Oahe Board Endorses De-Authorization
In 1977, the Oahe Sub-district board had formally requested President Carter and the Congress to suspend funding for the Oahe project. They followed that with a more serious and bolder request in early 1978: They requested that Congress de-authorize the project. If this request were granted, Oahe would be permanently stopped. This historic request from the Oahe board triggered a complex, multi-year political battle in South Dakota and in Washington, DC over specifics related to formal de-authorization of the project.
Little funding for Oahe
Oahe’s skimpy 1979 federal budget allocation continued the project’s demise. The Bureau of Reclamation’s Huron, SD office was almost empty. Construction money was being used up, with no replenishment available.
The Oahe sub-district board’s request that Congress de-authorize the Oahe project angered and panicked Oahe supporters, causing several questionable reactions and responses. For example, within several days of the de-authorization request a “memo” was sent via electronic messaging to SD Governor Richard Kneip, and it appeared the source was a White House committee. The initials JC appeared on the memo, inferring that the President had signed the communication. The memo indicated the South Dakota legislature could strip the Oahe board of its power and place that power with another state-backed entity. This heartened Oahe proponents, who had been trying to remove the Sub-district board from a position of influence. The White House committee and the memo were quickly revealed as fraudulent, and the incident reflected a desperation that characterized the high frustration level of Oahe supporters.
This is a copy of the fraudulent memorandum delivered to SD Governor Richard Kniep. Oahe proponents instantly applauded the memo’s message, and Governor Kneip quickly dispatched a delegation of Oahe supporters to Washington to take advantage of new opportunities described in the memo. Officials in the Carter administration declared the memo was bogus, and the memo hoax embarrassed and damaged the creditability of Oahe supporters. An investigation did not discover the source of the memo.
Oahe Controversy Harms other Water Projects
During 1978, the Carter administration instructed the Bureau of Reclamation to begin studying how to terminate the Oahe project. This caused confusion and stormy debate in South Dakota, as some hoped to salvage alternative forms of water development in lieu of the Oahe project, while others persisted in supporting the original Oahe concept.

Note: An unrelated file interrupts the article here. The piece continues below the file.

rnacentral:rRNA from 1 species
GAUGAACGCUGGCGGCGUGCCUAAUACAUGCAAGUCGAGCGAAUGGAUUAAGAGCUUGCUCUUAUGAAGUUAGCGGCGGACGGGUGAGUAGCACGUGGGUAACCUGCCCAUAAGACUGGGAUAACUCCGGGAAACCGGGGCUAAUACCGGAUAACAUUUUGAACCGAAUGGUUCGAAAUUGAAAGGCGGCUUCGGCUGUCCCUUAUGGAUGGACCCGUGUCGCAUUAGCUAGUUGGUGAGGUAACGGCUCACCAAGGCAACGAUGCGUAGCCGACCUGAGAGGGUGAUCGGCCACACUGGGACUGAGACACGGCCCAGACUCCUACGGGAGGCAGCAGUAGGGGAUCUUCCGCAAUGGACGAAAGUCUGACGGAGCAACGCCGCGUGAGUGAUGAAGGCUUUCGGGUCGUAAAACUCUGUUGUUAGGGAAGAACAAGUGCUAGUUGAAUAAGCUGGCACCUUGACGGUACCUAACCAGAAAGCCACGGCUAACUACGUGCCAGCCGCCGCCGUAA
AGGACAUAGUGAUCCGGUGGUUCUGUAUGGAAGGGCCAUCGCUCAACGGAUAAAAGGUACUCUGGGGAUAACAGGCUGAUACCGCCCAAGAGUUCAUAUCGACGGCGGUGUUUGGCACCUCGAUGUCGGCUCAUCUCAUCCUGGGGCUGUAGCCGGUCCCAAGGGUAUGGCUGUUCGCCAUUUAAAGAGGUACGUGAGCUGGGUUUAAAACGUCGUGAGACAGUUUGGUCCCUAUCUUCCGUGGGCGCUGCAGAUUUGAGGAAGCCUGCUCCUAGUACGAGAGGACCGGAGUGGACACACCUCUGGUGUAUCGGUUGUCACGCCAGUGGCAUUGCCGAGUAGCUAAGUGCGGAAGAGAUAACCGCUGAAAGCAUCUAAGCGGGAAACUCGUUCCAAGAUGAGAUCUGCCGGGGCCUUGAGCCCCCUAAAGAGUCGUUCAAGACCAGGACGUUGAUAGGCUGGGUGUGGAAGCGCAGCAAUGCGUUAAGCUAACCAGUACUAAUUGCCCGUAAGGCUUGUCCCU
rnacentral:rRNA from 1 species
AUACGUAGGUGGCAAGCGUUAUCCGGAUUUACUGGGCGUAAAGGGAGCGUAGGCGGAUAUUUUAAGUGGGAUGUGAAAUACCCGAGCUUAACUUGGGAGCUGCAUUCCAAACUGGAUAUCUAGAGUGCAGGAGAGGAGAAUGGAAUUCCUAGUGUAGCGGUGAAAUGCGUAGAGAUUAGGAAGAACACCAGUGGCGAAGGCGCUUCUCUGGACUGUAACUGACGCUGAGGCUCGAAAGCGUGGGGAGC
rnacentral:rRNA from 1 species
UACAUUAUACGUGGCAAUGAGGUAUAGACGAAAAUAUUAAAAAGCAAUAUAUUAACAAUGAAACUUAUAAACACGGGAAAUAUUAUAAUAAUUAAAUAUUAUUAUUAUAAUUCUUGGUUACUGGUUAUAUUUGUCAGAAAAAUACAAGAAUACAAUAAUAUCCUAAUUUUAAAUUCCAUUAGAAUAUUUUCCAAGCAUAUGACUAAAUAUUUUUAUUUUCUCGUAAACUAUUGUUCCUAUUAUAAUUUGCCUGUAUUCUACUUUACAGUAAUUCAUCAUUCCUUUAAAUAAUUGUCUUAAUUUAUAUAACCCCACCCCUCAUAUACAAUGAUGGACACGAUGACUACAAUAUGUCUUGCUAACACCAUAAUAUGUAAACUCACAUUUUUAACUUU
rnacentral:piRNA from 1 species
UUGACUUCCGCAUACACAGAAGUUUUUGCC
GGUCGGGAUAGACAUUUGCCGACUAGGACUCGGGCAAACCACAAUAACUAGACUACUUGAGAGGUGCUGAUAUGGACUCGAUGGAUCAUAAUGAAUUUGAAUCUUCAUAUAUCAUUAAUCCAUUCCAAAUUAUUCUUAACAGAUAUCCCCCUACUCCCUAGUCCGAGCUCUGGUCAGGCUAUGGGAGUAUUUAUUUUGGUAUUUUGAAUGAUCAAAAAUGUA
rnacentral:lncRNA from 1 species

1978 Sub-district elections
By 1978 the group “Friends of Oahe” had withered away, after being overwhelmed by United Family Farmers. Oahe proponents created another organization –Save Our Water Political Action Committee- to aid Oahe proponents seeking Oahe board seats in the 1978 elections. The group, known as SOWPAC, supported four candidates, including incumbent Steve Thorson. The remaining three candidates opposed United Family Farmer members and board incumbents John Sieh, Ken Marsh and Bill Piper. SOWPAC and Senator George McGovern proclaimed that the outcome of the 1978 board elections must be viewed as a referendum on the Oahe project.
United Family Farmers blasts SOWPAC
In its newsletter, United Family Farmers charged its new rival and adversary organization –SOWPAC- with representing construction, banking and other non-farm interests. UFF produced its newsletter numerous times each year, and it had done so since the group first formed. “Oahe Facts & News” provided information that strengthened and unified the group. The group’s logo included a farmer at his mailbox, and the newsletter and regular communications about the Oahe project and other subjects such as the sub-district elections were often found by each member in his/her mail box.
UFF prevails in 1978 elections
The Aberdeen American News tried to “spin” the 1978 Oahe Sub-district election results by proclaiming that “city” voters supported the project and rural voters did not. This theme –contrasting city versus farmer voters- would be used by the media and some politicians to deflect attention from the dominance that United Family Farmers now held over Sub-district policies. The 1978 elections actually strengthened the position of project opponents on the Sub-district board, and that meant John Sieh would remain as Chairman, Curt Hohn would continue serving as manager, and the Sub-district would continue to oppose the project. For project supporters, the 1978 Sub-district board elections signaled more frustrating times ahead. Senator McGovern and SOWPAC’s claim that the 1978 elections should be viewed as a referendum on the project backfired. It was now clear that project opponents held a distinct political advantage over their adversaries.